With another accaimed album, Tennis is ready to be a band again

Credit: Courtesy of Big Hassle

Credit: Courtesy of Big Hassle

Touring pays the bills, but the core duo makes albums “for the sake of our career.”

Tennis is an indie rock band that’s been covered in the media a fair bit over the past decade, the storylines often revolving around a small handful of themes.

The obvious one is that the band’s songwriting core, Alaina Moore and Patrick Riley, are married, in addition to being the creative partners in the group. As such, they spend a fair bit of time together and one of their avocations — sailing — has really been picked up on. Riley, in particular, has had a lifelong interest in taking to the sea. Together, they’ve sailed for long stretches, writing material on some trips, taking time away from music on others. “Cape Dory,” their first full album, was released in 2011 and is generally credited as being born on a lengthy sailing excursion.

Credit: Courtesy of Big Hassle

Credit: Courtesy of Big Hassle

During that period, too, the group was critically regarded as a bit of an outlier, embracing a decades-specific sensibility in both songwriting and production. Though overly-simplistic to some degree, each album seemed to find them plumbing a decade’s vibes, right on through to their current, ‘80s-centric feel.

But lost in the conversation, at times, has been the fact that the band’s remarkable sweet and lush pop songs are written and performed by folks who have a handle on every aspect of their career. “Pollen,” their latest album, is another release on their own label, Mutually Detrimental. With its release earlier this year, Moore and Riley fired up the engines on a tour cycle that will take up a large chunk of 2023.

“There’re a lot of strategies that we’ve been developing over the years,” the amiable Moore said in a mid-March interview, “especially now that we run our own label and manage our own release. We had one release with a major label and gleaned what we could from that campaign. The industry has changed so much, album cycles are so different from one to the next, especially post-pandemic. A lot of what we’ve learned is useless. Honestly, it feels like we’re working in tech, where everything you’ve learned is irrelevant one year later. But usually it’s all about creating a long, energetic campaign around releasing a single, always building it to the touring. And for a band of our size, it’s touring that pays for everything.

“Patrick and I have talked about the depressing sense that an album is a loss leader,” she said. “An album can be almost financially worthless. The tour is how we support ourselves and we use an album to promote the tour, announcing it simultaneously to the album and linking all of our social media to the tour.”

Luckily, they’ve found a way to make it work. For “Pollen,” that meant leading off with a pair of excellent singles, “One Night With the Valet” and “Let’s Make a Mistake Tonight,” each the type of immediately memorable, hum-along track they excel at writing. The balance of the album is equally pleasing, though these two songs are clear winners.

Credit: Courtesy of Big Hassle

Credit: Courtesy of Big Hassle

The album’s gotten some nice reviews since its release in January, with Pitchfork saying, “On ‘Pollen,’ Tennis’ latest, their persistent melodies quiver with the same earnestness as always, and their self-production continues to hit its stride. Against the stately hush of Moore’s voice, Riley’s bass thunks satisfyingly, and their songs groove harder than ever. Warbled and muffled pianos contrast with acoustic guitars, and a few zany synth choices set Moore up to knock out some vocal delights.”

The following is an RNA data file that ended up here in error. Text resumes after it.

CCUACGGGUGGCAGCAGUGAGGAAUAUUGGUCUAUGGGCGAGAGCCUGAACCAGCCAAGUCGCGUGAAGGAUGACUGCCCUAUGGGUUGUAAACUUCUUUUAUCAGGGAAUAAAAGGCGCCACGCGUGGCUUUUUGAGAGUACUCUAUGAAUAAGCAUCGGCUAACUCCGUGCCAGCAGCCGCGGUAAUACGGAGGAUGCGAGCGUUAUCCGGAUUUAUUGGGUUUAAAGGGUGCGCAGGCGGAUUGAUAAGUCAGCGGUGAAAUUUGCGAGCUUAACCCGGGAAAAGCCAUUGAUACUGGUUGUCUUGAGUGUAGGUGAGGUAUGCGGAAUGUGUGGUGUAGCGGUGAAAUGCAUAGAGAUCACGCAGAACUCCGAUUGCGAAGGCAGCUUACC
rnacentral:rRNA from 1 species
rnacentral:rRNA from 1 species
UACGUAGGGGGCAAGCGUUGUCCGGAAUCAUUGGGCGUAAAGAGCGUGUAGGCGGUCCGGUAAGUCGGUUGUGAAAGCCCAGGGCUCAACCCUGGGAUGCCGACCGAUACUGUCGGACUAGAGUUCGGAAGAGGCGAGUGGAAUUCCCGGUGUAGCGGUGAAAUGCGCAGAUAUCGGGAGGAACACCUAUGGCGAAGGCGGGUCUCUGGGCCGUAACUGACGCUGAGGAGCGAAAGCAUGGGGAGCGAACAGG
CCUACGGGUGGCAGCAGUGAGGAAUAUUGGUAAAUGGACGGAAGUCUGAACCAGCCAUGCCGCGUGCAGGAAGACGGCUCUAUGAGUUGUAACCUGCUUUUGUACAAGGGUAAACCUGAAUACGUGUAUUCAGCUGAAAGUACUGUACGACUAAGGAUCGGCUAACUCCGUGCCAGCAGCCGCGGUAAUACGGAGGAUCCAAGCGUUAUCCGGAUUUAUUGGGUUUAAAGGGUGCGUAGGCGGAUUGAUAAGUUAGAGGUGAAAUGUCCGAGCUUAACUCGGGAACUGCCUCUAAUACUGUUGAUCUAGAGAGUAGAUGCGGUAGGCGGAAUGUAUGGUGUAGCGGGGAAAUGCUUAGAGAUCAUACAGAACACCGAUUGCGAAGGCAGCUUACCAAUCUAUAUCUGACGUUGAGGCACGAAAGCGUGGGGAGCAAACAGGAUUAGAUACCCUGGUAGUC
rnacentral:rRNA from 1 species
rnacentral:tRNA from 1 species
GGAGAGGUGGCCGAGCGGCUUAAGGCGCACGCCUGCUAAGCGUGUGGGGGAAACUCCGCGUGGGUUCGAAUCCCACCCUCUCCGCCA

AllMusic chimed in with “‘Pollen’ is yet more proof that Tennis make the kind of music that feels comforting and exciting at the same time.”

The praise for the new record is not only a positive thing for the support of the current tour cycle. It’s a nod in the general direction of the group’s focus in making albums a centerpiece of their life’s work.

“Patrick and I have conversations about this. Is there a good business sense in making an album, as opposed to an EP?” Moore said. “But our motivation has been to do albums for the sake of our career. We want to look back on a catalog and we want as many records as we can to establish our songwriting identity.”

With six albums, two EPs and a host of early-career singles to their credit, the band can now go out on tour with a goodly selection of cuts from which to choose, including a heady dose of the new album, “Pollen.” Discussing the touring ideals for 2023, Moore said that she wants the shows to retain a bit of mystery, so the twists they’re adding this round will only be revealed by the actual shows, not by previews, saying “it’s subtle, but there are some new things that we’ll be doing with this formation.”

What is definitely known is the duo will be joined by Ryan Tullock (bass) and Steve Voss (drums), regular members of their touring ensemble.

“We have a tacit agreement,” Moore said of the pair. “We love touring together, we feel like family. But they both have their own side work. Ryan’s a carpenter and Steve’s a video editor. They can, more or less, control their schedules. So we’re looking forward to a year of dates. We’re all ready to be a band again.”



8 pm. March 24. $27.50-$59.50. The Eastern at The Dairies Complex, 777 Memorial Drive SE, Atlanta. easternatl.com.